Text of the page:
How Do I Choose the Right SEO Keywords?

The selection of the right SEO keywords involves researching and identifying terms your target audience uses when searching for your products, services, or content. Tools like Google Keyword Planner, SEMrush, and Ahrefs can help find relevant keywords with good search volume and manageable competition. Prioritize keywords that are relevant to your business and have the potential to drive targeted traffic​​​​​​.

What’s the Difference Between Short-tail and Long-tail Keywords?

Short-tail keywords are broad, often consisting of one or two words, and have a high search volume but also high competition and lower conversion rates. Long-tail keywords are more specific phrases with three or more words. They typically have lower search volume but less competition and higher conversion rates because they are more targeted​​​​​​.

How Often Should I Use Keywords in My Content?

Keyword density is no longer a primary focus in SEO content creation. Instead of stuffing your content with keywords, aim for a natural inclusion of your target keywords where they make sense and add value to the reader. Focus on quality content, user intent, and context. Using keywords in the title, headers, and a few times in the body where relevant is recommended​​​​​​.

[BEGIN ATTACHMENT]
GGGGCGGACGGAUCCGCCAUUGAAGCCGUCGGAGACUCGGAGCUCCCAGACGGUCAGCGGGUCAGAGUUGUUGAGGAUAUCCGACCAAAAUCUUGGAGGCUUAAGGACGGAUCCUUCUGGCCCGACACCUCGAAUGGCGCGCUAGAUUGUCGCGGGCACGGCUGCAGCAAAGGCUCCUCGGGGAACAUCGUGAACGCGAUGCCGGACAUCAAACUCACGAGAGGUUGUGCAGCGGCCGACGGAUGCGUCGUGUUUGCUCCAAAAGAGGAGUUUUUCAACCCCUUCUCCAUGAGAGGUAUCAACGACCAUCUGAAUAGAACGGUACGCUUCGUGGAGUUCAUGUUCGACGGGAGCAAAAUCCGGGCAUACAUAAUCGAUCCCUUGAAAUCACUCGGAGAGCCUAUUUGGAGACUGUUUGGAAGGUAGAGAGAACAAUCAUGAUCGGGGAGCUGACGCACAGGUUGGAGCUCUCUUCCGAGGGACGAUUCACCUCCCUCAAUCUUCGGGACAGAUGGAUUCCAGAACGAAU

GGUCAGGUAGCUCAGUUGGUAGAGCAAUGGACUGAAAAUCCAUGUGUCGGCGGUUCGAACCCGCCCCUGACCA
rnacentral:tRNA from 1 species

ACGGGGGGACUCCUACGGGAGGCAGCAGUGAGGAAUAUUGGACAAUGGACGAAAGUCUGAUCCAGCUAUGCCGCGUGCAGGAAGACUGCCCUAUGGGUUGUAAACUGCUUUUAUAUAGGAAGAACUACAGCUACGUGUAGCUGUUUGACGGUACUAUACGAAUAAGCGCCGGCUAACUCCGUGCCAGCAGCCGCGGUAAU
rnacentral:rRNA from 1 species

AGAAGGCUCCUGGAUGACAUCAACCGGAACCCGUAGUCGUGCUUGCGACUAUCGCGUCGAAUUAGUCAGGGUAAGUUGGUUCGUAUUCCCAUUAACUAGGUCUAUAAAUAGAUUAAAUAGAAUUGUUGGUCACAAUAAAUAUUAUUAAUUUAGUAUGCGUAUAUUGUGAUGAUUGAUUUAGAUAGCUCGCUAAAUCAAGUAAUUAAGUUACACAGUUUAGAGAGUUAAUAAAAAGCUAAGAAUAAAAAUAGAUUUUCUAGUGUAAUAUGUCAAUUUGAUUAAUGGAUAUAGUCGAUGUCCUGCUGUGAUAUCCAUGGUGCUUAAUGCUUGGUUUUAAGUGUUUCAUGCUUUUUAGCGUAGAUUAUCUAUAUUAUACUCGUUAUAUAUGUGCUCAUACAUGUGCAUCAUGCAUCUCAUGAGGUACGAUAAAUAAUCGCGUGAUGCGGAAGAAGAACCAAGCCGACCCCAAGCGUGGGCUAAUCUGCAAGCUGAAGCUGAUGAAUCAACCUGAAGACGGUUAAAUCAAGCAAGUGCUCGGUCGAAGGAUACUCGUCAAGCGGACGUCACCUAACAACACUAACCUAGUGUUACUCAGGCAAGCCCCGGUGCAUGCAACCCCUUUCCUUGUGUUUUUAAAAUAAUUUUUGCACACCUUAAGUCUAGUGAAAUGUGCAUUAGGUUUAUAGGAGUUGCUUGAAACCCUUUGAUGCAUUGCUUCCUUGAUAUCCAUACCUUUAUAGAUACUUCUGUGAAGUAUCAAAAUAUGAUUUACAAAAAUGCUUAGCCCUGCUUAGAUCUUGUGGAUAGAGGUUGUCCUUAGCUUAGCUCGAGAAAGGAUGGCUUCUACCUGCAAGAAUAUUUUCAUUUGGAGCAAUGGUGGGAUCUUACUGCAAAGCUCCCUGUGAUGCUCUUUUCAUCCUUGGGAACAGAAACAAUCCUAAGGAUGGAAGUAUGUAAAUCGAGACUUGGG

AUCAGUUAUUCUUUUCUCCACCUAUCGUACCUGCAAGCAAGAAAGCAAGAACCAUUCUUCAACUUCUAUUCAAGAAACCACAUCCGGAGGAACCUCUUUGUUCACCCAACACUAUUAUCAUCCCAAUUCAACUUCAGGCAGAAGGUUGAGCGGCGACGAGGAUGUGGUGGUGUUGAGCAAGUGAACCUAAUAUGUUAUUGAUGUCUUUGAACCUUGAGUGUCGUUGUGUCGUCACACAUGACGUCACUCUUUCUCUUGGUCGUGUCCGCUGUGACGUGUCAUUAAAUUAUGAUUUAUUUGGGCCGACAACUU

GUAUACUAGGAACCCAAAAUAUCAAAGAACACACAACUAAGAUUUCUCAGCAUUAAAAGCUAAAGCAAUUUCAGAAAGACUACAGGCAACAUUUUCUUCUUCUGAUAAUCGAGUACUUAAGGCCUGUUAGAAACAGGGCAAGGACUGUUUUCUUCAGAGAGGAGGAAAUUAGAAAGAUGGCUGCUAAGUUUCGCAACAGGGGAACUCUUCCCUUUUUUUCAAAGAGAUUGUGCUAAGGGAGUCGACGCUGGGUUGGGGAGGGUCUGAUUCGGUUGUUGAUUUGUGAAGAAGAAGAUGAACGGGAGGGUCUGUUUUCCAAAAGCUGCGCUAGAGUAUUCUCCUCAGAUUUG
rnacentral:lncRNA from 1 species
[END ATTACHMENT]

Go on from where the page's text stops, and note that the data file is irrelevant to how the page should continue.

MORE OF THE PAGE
Can I Use the Same Keywords on Multiple Pages?

Using the same keywords on multiple pages can lead to keyword cannibalization, where your pages compete against each other in search results, potentially diluting your ability to rank effectively. It’s better to target different, though related, keywords across various pages to cover a broader range of search queries​​​​​​.

How Does Keyword Research Influence My SEO Strategy?

Keyword research is foundational to SEO strategy. It helps you understand the terms and phrases your target audience uses, allowing you to optimize your website’s content, metadata, and URLs accordingly. Effective keyword research guides content strategy, informs on-page SEO, and contributes to improving your site’s visibility, traffic, and ranking in search engine results pages (SERPs)​​​​​​.

Stay tuned for part six of this Learn Basic SEO series, I’ll show you How To Use The H1 Tag.